Perhaps it is time that we post here using our real name (or a screen-name that would ensure that one person is signing in to his or her account, so that we then can make up our minds as to whether it is the same person or group of people using what I consider inflammatory terms such as "Loyal Americans" and/or insinuating that those who buy imports somehow don't care about their country (if they happen to be American)).
I admit, these posts bother me and I do often react with displeasure, particularly to one person's opinions, which I completely disagree with. The funny thing is because I disagree with the import bashing and misinformation constantly posted on this site, there are those who assume that I own a Toyota - not that it matters, but I don't, and again not that it matters, but I own 2 domestic vehicles.
Anyway, from this point on I will do my best not to react with anything but a courteous response, and I will do even better to try to not respond at all. :)
It just really bothers me to see fact twisted and half-truths posted for no other reason but to discredit a manufacturer that is based in Japan, yet employs thousands of Americans.
I don't know if using names or screen names to stop the abuse this is something that Steven would or could actually do - I have no idea what the liability issues would be. But I'd like to see this page go back to what is was before all of this nonsense started four or five years ago.
Until anything changes, I'll just identify myself as a Car Survey fan from Massachusetts who believes everybody has the right to buy & drive what they want to drive, without being wrongly accused of not being a "Loyal American" - which I have been accused of on this site, by defending the right of Americans to purchase imports.
Just a thought to curb the rhetoric - a Massachusetts Reader.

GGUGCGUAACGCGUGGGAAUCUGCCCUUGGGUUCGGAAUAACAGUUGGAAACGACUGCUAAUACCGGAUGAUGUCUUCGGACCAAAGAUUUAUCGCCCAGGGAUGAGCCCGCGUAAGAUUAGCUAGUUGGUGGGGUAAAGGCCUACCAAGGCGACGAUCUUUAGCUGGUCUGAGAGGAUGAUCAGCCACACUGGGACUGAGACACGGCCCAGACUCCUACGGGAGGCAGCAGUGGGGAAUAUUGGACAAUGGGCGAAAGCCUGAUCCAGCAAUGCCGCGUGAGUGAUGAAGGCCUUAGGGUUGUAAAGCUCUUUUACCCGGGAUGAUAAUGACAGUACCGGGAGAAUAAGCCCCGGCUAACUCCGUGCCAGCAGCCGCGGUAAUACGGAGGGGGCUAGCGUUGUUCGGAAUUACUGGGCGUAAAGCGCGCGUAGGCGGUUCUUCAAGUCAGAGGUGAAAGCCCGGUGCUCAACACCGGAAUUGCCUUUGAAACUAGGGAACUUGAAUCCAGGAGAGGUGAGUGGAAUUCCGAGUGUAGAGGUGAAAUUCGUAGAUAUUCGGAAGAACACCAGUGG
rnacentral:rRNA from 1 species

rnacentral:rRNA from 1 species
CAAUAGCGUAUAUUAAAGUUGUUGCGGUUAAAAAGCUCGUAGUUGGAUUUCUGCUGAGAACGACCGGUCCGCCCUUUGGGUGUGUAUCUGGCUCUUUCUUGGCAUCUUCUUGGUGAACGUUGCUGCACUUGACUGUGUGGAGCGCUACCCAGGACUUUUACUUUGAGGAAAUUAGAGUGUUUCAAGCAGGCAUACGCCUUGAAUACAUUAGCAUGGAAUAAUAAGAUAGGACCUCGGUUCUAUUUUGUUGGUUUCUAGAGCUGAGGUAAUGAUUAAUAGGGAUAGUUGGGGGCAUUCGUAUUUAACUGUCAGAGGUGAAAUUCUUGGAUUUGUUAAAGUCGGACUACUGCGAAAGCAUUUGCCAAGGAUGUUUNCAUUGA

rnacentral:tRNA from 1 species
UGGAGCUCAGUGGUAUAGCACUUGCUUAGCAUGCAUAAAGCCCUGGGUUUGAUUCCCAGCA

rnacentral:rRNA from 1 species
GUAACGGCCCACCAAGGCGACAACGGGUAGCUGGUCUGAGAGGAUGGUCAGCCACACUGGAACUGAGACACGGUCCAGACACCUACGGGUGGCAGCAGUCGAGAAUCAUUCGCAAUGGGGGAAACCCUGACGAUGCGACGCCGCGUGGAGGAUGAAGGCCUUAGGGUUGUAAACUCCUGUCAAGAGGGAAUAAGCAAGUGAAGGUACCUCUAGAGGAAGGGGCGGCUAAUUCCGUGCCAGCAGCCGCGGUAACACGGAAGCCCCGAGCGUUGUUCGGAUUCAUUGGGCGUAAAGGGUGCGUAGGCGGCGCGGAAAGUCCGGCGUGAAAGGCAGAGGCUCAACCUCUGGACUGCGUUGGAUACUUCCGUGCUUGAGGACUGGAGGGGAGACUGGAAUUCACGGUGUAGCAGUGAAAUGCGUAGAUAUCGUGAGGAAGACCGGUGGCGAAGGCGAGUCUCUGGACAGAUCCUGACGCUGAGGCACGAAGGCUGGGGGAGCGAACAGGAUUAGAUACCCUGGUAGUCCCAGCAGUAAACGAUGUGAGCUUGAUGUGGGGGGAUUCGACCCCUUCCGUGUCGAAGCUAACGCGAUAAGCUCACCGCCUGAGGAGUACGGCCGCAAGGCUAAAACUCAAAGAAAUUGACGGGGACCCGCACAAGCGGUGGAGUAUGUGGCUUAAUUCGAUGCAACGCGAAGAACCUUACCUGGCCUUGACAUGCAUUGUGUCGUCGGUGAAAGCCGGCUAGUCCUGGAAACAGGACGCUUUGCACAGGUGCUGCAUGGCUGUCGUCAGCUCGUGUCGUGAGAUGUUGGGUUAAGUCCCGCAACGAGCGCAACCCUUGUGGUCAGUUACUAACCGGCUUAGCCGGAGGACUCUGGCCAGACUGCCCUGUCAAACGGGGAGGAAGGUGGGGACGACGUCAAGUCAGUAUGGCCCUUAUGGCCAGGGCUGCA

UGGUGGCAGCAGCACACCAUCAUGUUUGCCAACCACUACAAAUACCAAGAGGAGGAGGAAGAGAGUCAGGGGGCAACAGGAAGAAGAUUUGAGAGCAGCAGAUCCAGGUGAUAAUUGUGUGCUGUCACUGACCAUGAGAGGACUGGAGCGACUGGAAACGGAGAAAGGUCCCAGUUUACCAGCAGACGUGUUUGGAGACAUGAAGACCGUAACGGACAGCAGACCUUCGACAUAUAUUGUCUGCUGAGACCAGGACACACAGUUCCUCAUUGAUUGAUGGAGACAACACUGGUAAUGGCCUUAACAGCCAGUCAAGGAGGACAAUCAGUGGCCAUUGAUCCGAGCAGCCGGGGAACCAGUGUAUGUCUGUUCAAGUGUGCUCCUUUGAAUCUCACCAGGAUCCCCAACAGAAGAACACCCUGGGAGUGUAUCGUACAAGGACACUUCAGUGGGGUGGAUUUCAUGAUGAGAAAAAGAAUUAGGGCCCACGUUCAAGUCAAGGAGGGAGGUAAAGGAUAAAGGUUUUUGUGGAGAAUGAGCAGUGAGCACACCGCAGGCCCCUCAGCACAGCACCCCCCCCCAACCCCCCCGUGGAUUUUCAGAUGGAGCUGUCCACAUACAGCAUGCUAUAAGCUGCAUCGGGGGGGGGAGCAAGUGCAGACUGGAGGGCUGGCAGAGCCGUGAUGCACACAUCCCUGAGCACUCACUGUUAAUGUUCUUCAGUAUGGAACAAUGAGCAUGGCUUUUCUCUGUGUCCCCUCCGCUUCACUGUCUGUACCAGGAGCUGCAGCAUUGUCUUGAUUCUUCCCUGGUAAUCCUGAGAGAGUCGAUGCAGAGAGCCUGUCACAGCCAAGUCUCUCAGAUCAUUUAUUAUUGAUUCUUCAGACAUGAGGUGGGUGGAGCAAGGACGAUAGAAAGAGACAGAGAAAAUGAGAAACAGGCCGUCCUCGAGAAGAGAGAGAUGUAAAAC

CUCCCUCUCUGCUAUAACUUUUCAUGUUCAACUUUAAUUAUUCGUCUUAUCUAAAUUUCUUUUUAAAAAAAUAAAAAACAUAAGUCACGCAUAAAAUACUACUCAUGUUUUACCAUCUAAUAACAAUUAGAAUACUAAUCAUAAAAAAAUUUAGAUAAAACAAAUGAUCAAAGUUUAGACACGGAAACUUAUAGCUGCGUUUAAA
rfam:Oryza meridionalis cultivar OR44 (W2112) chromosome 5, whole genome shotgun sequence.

Steven here (moderator of the site).
I have considered usernames many times, but haven't implemented them for the following reasons:
1. Having usernames implies account creation and passwords, and that raises a barrier to new visitors that's currently not there.
2. The site isn't supposed to be a forum. Casual visitors adding new experiences to the site are what adds the most value in my view. Some regular visitors have written many great, helpful comments, and it's wonderful that people enjoy reading the site regularly, but I'm wary about moving the site even more in the direction of becoming a forum.
3. People are free to add a name/nickname in the text of their comment. I've asked regular visitors to do this in the past, but most people seem to want to stay anonymous, while requiring others to identify themselves.
4. Some comments can be very personal and unpleasant already, and some people try to track others across the site via their writing style (with varying degrees of success - never 100% though). I'm concerned that were commenters more identifiable, that personal animosity and conflicts would actually increase, rather than decrease.
5. The site has not required logins for comments for its entire history. Adding usernames now would look a bit strange, when set against the existing comments.
6. The key problem is that some visitors find it difficult to resist adding fuel to the fire of polarised discussions, where the outcome is inevitable mutual antagonism. Adding usernames does little to fix this fundamental issue.
7. Slightly related, but recently I added the ability for reviewers to disable comments on their reviews, so that anyone who dislikes the nature of the comments, can keep them off their reviews. This was prompted by several reviewers asking for reviews to be removed, after becoming unhappy with the nature of the comments being made.
With all that said, I don't rule out usernames at some point, or perhaps logins via social networks like Facebook or Twitter, but I'm not convinced that the benefits of usernames outweigh the disadvantages.
Steven Jackson, email@example.com
CSDO Media Limited